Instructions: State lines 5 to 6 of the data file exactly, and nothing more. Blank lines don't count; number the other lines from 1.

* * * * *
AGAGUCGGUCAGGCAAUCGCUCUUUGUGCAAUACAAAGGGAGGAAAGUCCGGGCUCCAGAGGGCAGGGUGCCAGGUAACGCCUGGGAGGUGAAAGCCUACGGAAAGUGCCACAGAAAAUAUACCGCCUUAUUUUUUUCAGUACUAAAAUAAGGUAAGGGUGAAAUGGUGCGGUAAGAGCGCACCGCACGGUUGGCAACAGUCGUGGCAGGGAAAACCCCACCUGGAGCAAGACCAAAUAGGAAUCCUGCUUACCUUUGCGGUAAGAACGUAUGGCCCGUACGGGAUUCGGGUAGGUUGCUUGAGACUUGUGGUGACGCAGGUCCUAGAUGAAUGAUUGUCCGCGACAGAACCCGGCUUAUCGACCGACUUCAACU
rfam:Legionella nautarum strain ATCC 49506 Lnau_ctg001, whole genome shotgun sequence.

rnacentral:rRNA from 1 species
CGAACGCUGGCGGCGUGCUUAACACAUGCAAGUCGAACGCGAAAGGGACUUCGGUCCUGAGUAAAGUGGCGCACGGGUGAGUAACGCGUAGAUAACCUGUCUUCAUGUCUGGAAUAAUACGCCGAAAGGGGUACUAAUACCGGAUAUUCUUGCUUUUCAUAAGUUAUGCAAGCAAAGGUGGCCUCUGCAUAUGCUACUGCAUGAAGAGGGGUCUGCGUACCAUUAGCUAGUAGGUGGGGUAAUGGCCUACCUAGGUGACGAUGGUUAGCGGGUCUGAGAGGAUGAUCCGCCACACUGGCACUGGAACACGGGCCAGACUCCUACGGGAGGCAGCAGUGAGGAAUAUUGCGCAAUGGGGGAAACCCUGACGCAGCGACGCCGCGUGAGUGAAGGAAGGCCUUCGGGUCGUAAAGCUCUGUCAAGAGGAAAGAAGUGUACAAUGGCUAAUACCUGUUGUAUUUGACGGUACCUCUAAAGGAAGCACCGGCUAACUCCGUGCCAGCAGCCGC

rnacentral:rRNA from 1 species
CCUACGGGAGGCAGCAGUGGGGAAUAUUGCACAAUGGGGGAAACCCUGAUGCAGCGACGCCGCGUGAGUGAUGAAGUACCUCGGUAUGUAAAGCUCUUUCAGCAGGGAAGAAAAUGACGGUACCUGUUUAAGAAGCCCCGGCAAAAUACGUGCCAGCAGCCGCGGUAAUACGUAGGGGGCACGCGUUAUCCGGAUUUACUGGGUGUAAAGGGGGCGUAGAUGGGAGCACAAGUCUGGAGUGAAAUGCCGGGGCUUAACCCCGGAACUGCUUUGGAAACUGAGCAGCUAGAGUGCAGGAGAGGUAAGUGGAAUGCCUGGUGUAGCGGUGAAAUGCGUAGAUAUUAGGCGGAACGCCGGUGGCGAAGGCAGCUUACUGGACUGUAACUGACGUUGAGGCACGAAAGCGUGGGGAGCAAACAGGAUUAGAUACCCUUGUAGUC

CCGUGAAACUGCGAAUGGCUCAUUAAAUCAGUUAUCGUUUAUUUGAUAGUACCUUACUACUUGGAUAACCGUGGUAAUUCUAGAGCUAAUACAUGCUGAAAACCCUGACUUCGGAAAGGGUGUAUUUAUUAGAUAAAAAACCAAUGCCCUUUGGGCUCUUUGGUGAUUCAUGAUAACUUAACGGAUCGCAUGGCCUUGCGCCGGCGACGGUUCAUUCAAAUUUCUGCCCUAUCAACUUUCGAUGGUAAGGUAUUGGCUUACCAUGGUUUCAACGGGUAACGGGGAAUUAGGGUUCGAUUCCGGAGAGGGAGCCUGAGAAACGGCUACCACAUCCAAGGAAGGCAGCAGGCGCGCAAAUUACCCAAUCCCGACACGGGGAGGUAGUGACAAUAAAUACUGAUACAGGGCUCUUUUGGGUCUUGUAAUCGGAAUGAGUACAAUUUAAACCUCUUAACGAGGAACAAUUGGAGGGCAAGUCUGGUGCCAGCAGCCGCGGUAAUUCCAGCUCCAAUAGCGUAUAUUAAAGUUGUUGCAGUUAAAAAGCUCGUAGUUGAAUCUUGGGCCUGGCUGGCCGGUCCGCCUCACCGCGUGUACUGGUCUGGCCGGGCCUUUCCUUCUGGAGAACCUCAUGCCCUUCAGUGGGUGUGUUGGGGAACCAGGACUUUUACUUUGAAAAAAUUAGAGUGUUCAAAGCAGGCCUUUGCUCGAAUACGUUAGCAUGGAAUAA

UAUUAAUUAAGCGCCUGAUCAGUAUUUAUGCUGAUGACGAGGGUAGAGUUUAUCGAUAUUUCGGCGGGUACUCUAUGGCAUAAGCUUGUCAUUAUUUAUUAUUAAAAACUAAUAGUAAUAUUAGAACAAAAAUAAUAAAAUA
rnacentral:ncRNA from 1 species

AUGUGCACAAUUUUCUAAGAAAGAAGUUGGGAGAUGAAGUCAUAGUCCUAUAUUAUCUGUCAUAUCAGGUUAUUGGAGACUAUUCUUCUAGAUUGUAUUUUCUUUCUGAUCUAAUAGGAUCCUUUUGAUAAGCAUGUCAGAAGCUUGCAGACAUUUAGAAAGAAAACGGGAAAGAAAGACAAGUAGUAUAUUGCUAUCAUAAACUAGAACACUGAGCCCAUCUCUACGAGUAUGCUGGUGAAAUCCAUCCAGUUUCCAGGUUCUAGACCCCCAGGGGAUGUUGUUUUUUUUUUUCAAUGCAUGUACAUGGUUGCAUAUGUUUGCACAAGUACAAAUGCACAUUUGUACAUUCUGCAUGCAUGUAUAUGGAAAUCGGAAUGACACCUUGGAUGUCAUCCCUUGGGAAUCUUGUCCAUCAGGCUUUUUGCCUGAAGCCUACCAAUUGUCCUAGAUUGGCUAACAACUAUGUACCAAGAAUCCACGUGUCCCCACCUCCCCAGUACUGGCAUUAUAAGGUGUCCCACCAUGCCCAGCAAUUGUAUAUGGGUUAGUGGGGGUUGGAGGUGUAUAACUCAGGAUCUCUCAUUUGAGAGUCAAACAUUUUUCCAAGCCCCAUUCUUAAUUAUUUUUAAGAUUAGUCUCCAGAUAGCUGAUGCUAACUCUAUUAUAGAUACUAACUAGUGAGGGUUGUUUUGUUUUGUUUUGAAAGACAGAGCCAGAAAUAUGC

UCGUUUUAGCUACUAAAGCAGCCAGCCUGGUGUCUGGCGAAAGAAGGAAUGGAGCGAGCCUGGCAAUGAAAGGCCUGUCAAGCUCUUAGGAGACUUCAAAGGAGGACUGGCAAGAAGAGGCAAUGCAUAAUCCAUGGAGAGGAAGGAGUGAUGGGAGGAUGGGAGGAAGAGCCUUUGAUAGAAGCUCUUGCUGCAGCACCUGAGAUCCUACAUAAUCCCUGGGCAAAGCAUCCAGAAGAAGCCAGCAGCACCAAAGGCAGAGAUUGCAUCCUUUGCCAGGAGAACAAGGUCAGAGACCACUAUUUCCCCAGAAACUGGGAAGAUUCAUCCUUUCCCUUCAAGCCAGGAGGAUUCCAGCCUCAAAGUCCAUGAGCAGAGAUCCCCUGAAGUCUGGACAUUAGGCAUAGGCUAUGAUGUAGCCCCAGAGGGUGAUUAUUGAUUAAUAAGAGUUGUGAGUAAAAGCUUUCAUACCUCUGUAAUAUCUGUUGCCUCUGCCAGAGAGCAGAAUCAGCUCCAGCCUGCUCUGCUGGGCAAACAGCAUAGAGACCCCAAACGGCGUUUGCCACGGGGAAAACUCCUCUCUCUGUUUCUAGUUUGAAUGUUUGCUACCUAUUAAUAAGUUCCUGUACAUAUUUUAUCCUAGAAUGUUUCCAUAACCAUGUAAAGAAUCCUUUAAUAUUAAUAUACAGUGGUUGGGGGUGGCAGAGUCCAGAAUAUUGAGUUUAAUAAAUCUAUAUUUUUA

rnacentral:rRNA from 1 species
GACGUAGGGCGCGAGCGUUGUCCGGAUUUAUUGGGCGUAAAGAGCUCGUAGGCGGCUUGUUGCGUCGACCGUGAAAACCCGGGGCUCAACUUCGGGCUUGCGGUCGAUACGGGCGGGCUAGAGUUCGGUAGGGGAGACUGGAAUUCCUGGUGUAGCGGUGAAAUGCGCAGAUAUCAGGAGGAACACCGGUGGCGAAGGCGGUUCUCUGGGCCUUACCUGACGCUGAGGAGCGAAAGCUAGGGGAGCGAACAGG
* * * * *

rnacentral:rRNA from 1 species
CCUACGGGAGGCAGCAGUGGGGAAUAUUGCACAAUGGGGGAAACCCUGAUGCAGCGACGCCGCGUGAGUGAUGAAGUACCUCGGUAUGUAAAGCUCUUUCAGCAGGGAAGAAAAUGACGGUACCUGUUUAAGAAGCCCCGGCAAAAUACGUGCCAGCAGCCGCGGUAAUACGUAGGGGGCACGCGUUAUCCGGAUUUACUGGGUGUAAAGGGGGCGUAGAUGGGAGCACAAGUCUGGAGUGAAAUGCCGGGGCUUAACCCCGGAACUGCUUUGGAAACUGAGCAGCUAGAGUGCAGGAGAGGUAAGUGGAAUGCCUGGUGUAGCGGUGAAAUGCGUAGAUAUUAGGCGGAACGCCGGUGGCGAAGGCAGCUUACUGGACUGUAACUGACGUUGAGGCACGAAAGCGUGGGGAGCAAACAGGAUUAGAUACCCUUGUAGUC